This change allows individuals with small holdings to consolidate their pension assets into a single registered vehicle, thereby minimizing administrative costs or other burdens associated with multiple small accounts.

Under the “financial hardship” option, any LIF holder, regardless of age, who is facing a job upset, medical- or disability-related expenses can unlock up to the small balance limit ($22,450).

Finally, and perhaps most beneficially, is the new opportunity for those at least 55 years of age to unlock up to 50% of their LIF holdings and either cash them out (fully taxable) or transfer the funds into an RRSP or RRIF.

When can you begin unlocking? Check with the financial institution that administers your LIF to see if it has made the necessary amendments to allow such unlocking.

Creditor protection for RRSPs and RRIFs upon bankruptcy

July 2008 ushered in changes to the federal Bankruptcy and Insolvency Act. As I’ve written about before, the new legislation contains the long-awaited change extending creditor protection in the event of bankruptcy to all RRSP and RRIF savings in Canada.

Before the change (and depending on specific provincial exemptions), only employer-sponsored registered pension plans and insurance-based products such as segregated funds, enjoyed protection from the claims of creditors upon bankruptcy.

The new law formally exempts all RRSPs and RRIFs, including registered bank deposits, registered mutual funds and self-directed plans, from being liquidated on behalf of creditors when an investor declares personal bankruptcy.

The only condition is that any RRSP contributions made in the 12 months prior to bankruptcy will not be exempt from seizure unless your provincial law states otherwise. This is a major win for professionals and business owners.

Registered Disability Savings Plan (RDSP)

The RDSP is a new registered savings plan that permits individuals to save up to $200,000 on a tax-deferred basis for someone with a disability. It also comes with generous government incentives in the form of the new Canada Disability Savings Grant and the Canada Disability Savings Bond, which can provide up to $90,000 in free government money based on only $30,000 of personal contributions.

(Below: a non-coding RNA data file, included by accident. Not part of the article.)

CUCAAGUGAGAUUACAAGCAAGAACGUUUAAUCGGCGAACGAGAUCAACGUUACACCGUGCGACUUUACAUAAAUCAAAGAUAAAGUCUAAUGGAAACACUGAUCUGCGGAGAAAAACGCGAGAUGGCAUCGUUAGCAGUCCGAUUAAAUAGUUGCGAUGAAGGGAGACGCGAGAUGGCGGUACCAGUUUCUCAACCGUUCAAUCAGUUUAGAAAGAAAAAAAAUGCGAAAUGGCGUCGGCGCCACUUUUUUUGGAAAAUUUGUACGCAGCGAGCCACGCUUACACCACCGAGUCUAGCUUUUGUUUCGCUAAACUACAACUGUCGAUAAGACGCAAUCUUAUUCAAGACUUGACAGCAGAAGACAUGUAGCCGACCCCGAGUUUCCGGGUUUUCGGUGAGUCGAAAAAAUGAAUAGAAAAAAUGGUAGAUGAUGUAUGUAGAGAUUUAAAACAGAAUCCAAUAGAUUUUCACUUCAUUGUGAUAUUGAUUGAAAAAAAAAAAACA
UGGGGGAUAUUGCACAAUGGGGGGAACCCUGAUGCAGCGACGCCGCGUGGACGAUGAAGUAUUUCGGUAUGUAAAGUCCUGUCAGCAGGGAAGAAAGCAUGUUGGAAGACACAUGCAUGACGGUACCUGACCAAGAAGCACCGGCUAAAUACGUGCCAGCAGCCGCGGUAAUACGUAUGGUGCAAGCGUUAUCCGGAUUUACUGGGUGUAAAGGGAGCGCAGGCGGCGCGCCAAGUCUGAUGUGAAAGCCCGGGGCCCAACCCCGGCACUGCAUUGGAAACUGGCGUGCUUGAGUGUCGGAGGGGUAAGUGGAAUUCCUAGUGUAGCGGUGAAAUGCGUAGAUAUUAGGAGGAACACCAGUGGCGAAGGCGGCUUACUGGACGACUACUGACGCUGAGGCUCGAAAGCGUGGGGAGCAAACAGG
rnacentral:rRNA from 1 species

The first RDSPs are expected be launched in December 2008.

Tax-loss selling

For tax-loss selling, to guarantee that a trade is settled in 2008, the trade date must be December 24, 2008, or earlier. This will make sure that the settlement takes place in 2008 and that any losses realized are available to the taxpayer this year. Any trade made after December 24, 2008, will not settle until 2009 and therefore those losses would not be available until next year.

Payments required by year-end

December 31 is the final payment date to claim a 2008 tax deduction/credit for various items, including:

  • alimony payments;
  • charitable donations;
  • child care expenses;
  • interest expense on money borrowed to earn investment income; and
  • investment counselling fees.

    Tax-Free Savings Accounts (TFSAs)

    Finally, perhaps the biggest tax announcement in 2008 was the introduction of the new TFSA, set to be launched on January 1, 2009. These new accounts will allow Canadian residents 18 years of age or older to contribute up to $5,000 per year to their TFSA, and any income or gains will remain tax free for life when earned inside the TFSA.

    Avoid the administrative onslaught of new account openings in January by opening TFSAs early, where permitted, and then funding them in early 2009.

    Jamie Golombek, CA, CPA, CFP, CLU, TEP, is Managing Director, Tax & Estate Planning, CIBC Private Wealth Management in Toronto. Contact jamie.golombek@cibc.com

    (11/04/08)

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    Originally published on Advisor.ca